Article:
And take…the sword of the Spirit, which is the word of God. Ephesians 6:17
Vol 13, Num 17, 05/30/2010
In this issue:
One of the deepest moments of Job’s despair is recorded in Job 16. It came after his false “friends” had failed to be of any comfort, but had made his suffering worse. Eliphaz, Bildad and Zophar had each made their initial false charges, asserting that Job was suffering due to his own sin. Though we as readers are privy to the fact that Job suffered because of Satan’s affliction aimed at discouraging Job’s unparalleled righteousness, neither Job nor his “friends” were aware of the suffering’s source. Yet, after honestly searching his own life for sin, Job correctly defended himself against the false charges made toward him. There is no doubt that Job’s grief was multiplied when Eliphaz, rather than apologizing for his false accusations, started a second round by intensifying his erroneous indictments against Job’s character. Just after that misguided diatribe, Job made the following statement:
I have heard many such things; miserable comforters are you all! Shall vain words have an end? Or what provokes you that you answer? I also could speak as you do, if your soul were in my soul’s place. I could heap up words against you, and shake my head at you; but I would strengthen you with my mouth, and the comfort of my lips would relieve your grief (Job 16:2-5).
Though none of us would like to think of ourselves as being the modern equivalent of Eliphaz, Bildad or Zophar, do our actions and words follow their examples as we deal with those undergoing times of suffering and hardship? Is it easier for us to dismiss their plight as being “his/her own fault” rather than to step in and do the difficult task of giving strength and comfort? Let us remember that Eliphaz, Bildad and Zophar were condemned by God because of their lack of compassion and encouragement. Before we turn a callous eye and hardened heart on those going through times of trial, we should consider the fact that compassion is repeatedly commended by God and its absence is forcefully condemned. Let us be reminded of God’s expectations for us in reaction to the suffering of others:
Bear one another’s burdens, and so fulfill the law of Christ (Gal. 6:2).
Now we that are strong ought to bear the infirmities of the weak, and not to please ourselves. Let each one of us please his neighbor for that which is good, unto edifying. For Christ also pleased not himself; but, as it is written, The reproaches of them that reproached thee fell upon me (Rom. 15:1-3).
I have shown you in every way, by laboring like this, that you must support the weak. And remember the words of the Lord Jesus, that He said, “It is more blessed to give than to receive” (Acts 20:35).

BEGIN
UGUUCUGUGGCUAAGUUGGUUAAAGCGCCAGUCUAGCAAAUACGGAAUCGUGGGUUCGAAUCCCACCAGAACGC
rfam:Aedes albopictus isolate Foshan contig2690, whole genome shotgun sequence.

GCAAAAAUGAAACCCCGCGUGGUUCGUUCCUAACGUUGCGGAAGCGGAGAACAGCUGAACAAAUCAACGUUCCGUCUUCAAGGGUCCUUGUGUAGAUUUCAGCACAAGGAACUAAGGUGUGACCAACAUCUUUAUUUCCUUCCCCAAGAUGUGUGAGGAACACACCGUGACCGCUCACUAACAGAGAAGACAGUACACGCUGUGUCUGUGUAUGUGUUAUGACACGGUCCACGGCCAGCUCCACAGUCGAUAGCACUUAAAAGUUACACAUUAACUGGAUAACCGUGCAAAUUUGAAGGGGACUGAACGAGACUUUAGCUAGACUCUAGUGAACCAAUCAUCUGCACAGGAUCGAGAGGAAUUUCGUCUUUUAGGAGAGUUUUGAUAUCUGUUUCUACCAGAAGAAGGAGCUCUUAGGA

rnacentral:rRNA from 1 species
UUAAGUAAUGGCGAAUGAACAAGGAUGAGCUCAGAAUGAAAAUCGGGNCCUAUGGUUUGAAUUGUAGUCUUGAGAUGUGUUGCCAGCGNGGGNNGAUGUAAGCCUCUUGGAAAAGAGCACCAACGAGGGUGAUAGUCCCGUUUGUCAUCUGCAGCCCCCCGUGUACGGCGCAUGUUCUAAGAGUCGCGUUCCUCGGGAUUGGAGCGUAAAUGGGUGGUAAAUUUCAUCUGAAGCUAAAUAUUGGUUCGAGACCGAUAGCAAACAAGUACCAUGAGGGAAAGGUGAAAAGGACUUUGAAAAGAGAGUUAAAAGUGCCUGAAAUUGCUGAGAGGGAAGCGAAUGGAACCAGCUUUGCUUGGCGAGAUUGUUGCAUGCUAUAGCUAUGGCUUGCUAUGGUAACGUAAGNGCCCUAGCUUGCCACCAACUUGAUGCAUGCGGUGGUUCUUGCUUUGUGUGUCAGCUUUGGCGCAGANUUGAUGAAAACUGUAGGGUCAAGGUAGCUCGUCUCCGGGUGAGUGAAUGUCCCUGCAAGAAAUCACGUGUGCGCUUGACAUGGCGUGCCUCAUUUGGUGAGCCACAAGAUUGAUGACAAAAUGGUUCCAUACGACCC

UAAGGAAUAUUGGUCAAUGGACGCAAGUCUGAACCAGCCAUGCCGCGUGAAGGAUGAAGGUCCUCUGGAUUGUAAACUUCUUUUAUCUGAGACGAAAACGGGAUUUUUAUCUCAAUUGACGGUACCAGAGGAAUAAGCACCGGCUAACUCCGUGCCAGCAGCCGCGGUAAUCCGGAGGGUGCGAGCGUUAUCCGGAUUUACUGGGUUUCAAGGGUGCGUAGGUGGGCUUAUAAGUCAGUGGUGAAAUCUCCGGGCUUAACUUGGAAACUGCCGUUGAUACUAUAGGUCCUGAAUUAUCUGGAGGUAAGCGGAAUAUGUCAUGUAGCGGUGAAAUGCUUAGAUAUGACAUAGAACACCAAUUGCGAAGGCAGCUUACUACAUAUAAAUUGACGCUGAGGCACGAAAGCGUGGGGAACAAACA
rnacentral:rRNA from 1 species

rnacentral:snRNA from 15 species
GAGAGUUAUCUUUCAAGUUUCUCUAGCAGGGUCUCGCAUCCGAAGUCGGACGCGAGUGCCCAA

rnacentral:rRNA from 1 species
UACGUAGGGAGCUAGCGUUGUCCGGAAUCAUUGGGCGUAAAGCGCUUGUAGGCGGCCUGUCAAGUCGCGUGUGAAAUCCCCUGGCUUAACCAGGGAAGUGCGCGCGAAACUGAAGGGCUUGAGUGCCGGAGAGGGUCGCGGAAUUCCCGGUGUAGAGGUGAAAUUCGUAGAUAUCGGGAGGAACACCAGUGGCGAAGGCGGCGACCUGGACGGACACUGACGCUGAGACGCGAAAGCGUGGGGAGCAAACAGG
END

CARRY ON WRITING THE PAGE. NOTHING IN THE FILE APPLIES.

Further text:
Rejoice with those who rejoice, and weep with those who weep (Rom. 12:15).
Therefore, as the elect of God, holy and beloved, put on tender mercies, kindness, humility, meekness, longsuffering (Col. 3:12).
Whoever shuts his ears to the cry of the poor will also cry himself and not be heard (Prov. 21:13).
Woe to the shepherds of Israel who feed themselves! Should not the shepherds feed the flocks? You eat the fat and clothe yourselves with the wool; you slaughter the fatlings, but you do not feed the flock. The weak you have not strengthened, nor have you healed those who were sick, nor bound up the broken, nor brought back what was driven away, nor sought what was lost; but with force and cruelty you have ruled them (Ezek. 34:2-4).
Then He will also say to those on the left hand, “Depart from Me, you cursed, into the everlasting fire prepared for the devil and his angels: for I was hungry and you gave Me no food; I was thirsty and you gave Me no drink; I was a stranger and you did not take Me in, naked and you did not clothe Me, sick and in prison and you did not visit Me.” Then they also will answer Him, saying, “Lord, when did we see You hungry or thirsty or a stranger or naked or sick or in prison, and did not minister to You?” Then He will answer them, saying, “Assuredly, I say to you, inasmuch as you did not do it to one of the least of these, you did not do it to Me” (Matt. 25:41-45).
Finally, be ye all likeminded, compassionate, loving as brethren, tenderhearted, humbleminded (1 Pet. 3:8).
If we seek to be like God, we would do well to consider His compassion on man. The Old Testament is full of statements regarding God’s tenderness and loving aid to Israel – even when they rejected Him in sin (Ex. 3:7; Deut. 30:3; 2 Chron. 36:15; Psa. 78:38; 86:15). The divine expression of compassion, selfless sacrifice and ultimate mercy is seen in the giving of Christ to lift the burden of sin from us despite our sins and rebellion (Matt. 11:28-30; Rom. 5:6-11; Jn. 3:16).
One of the most touching portrayals of God’s compassion on man is seen in Hosea’s description of God remaining the loving, caring, providing Father of a rebellious child.
When Israel was a child, I loved him, and out of Egypt I called my son. But the more I called Israel, the further they went from me. They sacrificed to the Baals and they burned incense to images. It was I who taught Ephraim to walk, taking them by the arms; but they did not realize it was I who healed them. I led them with cords of human kindness, with ties of love; I lifted the yoke from their neck and bent down to feed them (Hos. 11:1-4).